Unexpected Convergence

Something I noticed the other day when my daughter asked if she could listen to music on the way to school.

Firefly (and Other Murdered TV Shows)

Malcolm Reynolds and his crew live on the edge of the law, preferring to do jobs -- legal or not -- on the outer planets where Alliance influence is weak. Things get sketchy when they unknowingly take on two Alliance fugitives: a doctor and his genius little sister. The Alliance had been secretly experimenting on her, and they desperately want her back.

Half a season, 14 episodes. Fox killed this one partially by airing the episodes out of order. Fortunately Joss Whedon is the leader of an online cult with the motivation and power to finish the series. Though I think all of us would prefer if it never ended.

The Adventures of Brisco County Jr.
Brisco County, a Harvard-educated lawyer-turned-bounty hunter, is after the infamous bandit John Bly Gang that murdered his father, Marshal Brisco. It's a western, but with sci-fi and steampunk elements thrown in. Oh yeah, and Bruce Campbell.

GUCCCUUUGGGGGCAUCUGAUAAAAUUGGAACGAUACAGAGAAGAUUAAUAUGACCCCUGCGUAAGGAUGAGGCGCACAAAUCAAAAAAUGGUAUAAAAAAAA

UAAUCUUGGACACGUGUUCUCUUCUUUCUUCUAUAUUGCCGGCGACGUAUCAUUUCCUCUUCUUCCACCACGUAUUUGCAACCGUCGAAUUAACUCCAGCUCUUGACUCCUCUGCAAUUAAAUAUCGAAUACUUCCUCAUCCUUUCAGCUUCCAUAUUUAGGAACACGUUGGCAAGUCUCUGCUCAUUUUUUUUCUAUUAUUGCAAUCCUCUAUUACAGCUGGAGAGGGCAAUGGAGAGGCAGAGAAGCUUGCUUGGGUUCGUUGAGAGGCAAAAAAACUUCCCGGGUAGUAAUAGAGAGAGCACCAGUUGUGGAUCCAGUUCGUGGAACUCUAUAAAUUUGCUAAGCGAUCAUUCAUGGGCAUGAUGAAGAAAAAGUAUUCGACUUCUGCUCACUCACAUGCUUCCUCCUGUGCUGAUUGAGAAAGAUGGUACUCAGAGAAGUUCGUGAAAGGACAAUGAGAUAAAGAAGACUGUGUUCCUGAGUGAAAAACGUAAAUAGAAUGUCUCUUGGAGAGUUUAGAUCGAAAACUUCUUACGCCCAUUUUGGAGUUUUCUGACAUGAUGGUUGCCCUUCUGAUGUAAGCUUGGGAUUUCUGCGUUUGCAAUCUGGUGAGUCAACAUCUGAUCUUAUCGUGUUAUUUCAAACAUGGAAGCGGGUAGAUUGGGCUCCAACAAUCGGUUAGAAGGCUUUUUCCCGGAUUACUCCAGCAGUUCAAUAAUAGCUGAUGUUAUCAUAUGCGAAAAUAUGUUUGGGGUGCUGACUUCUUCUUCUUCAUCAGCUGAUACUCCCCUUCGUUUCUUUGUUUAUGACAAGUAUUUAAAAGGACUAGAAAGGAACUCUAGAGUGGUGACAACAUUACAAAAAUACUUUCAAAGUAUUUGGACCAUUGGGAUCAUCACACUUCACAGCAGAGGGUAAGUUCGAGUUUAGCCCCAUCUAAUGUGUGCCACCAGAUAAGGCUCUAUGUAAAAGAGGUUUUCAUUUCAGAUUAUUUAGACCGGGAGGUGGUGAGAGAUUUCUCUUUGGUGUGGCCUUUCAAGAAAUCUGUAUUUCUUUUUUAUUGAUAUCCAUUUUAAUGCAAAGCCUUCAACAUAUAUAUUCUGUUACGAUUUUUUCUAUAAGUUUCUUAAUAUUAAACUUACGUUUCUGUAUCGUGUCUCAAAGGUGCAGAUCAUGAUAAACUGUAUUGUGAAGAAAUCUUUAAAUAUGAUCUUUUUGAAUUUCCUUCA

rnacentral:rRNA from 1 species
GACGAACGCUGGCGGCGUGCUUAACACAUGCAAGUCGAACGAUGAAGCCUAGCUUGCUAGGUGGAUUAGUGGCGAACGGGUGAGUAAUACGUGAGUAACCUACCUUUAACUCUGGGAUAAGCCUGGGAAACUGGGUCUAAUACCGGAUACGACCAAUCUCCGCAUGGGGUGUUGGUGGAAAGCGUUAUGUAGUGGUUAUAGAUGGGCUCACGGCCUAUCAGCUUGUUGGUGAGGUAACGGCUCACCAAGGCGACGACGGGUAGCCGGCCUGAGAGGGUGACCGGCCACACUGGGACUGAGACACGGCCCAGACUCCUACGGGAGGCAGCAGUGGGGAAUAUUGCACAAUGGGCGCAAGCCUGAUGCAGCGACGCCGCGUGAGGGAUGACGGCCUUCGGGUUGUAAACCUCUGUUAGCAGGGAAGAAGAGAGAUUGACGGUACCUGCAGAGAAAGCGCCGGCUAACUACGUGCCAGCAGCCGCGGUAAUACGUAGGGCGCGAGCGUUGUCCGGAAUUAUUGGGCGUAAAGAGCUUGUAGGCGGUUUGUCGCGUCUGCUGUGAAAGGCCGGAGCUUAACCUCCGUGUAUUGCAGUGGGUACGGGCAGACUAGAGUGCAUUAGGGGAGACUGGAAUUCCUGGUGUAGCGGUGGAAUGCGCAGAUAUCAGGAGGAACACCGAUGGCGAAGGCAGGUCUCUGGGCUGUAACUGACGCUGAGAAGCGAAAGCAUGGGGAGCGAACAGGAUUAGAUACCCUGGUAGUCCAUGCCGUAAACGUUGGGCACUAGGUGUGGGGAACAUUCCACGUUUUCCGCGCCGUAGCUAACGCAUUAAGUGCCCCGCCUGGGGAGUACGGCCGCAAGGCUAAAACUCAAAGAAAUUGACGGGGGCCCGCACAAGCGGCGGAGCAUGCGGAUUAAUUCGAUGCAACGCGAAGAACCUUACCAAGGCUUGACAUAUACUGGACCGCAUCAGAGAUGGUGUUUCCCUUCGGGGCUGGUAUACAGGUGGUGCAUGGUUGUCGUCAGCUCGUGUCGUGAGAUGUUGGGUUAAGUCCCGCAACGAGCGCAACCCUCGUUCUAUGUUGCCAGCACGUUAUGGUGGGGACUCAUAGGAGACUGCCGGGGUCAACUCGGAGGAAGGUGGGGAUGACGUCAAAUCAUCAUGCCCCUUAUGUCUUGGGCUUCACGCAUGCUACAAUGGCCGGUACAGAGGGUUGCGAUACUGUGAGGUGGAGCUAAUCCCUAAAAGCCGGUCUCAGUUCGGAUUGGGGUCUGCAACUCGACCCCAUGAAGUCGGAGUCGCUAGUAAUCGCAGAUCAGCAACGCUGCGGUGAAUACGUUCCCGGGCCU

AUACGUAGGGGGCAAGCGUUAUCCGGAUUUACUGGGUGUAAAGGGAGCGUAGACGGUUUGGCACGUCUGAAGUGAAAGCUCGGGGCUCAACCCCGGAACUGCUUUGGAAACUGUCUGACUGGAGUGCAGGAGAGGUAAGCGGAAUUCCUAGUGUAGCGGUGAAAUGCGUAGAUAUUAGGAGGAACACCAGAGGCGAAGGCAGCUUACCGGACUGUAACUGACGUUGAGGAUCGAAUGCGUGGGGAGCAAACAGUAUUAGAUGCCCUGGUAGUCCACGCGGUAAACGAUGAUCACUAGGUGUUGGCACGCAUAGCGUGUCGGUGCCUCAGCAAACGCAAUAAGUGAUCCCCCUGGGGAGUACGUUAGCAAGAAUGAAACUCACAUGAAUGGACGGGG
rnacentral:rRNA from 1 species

Fox (once again) gave up on this one after 27 episodes. Fortunately the secret of John Bly had been revealed by then, but still.

Nowhere Man
On a date with his wife, photojournalist Thomas Veil returns from the bathroom to discover his life has been erased. Nobody knows who he is, not even his wife. Every trace of his identity is gone. He discovers it's somehow related to a picture he took years before, but he doesn't know why. He must keep the negatives safe from a mysterious organization out to get him, while at the same time trying to learn the truth about what happened to him.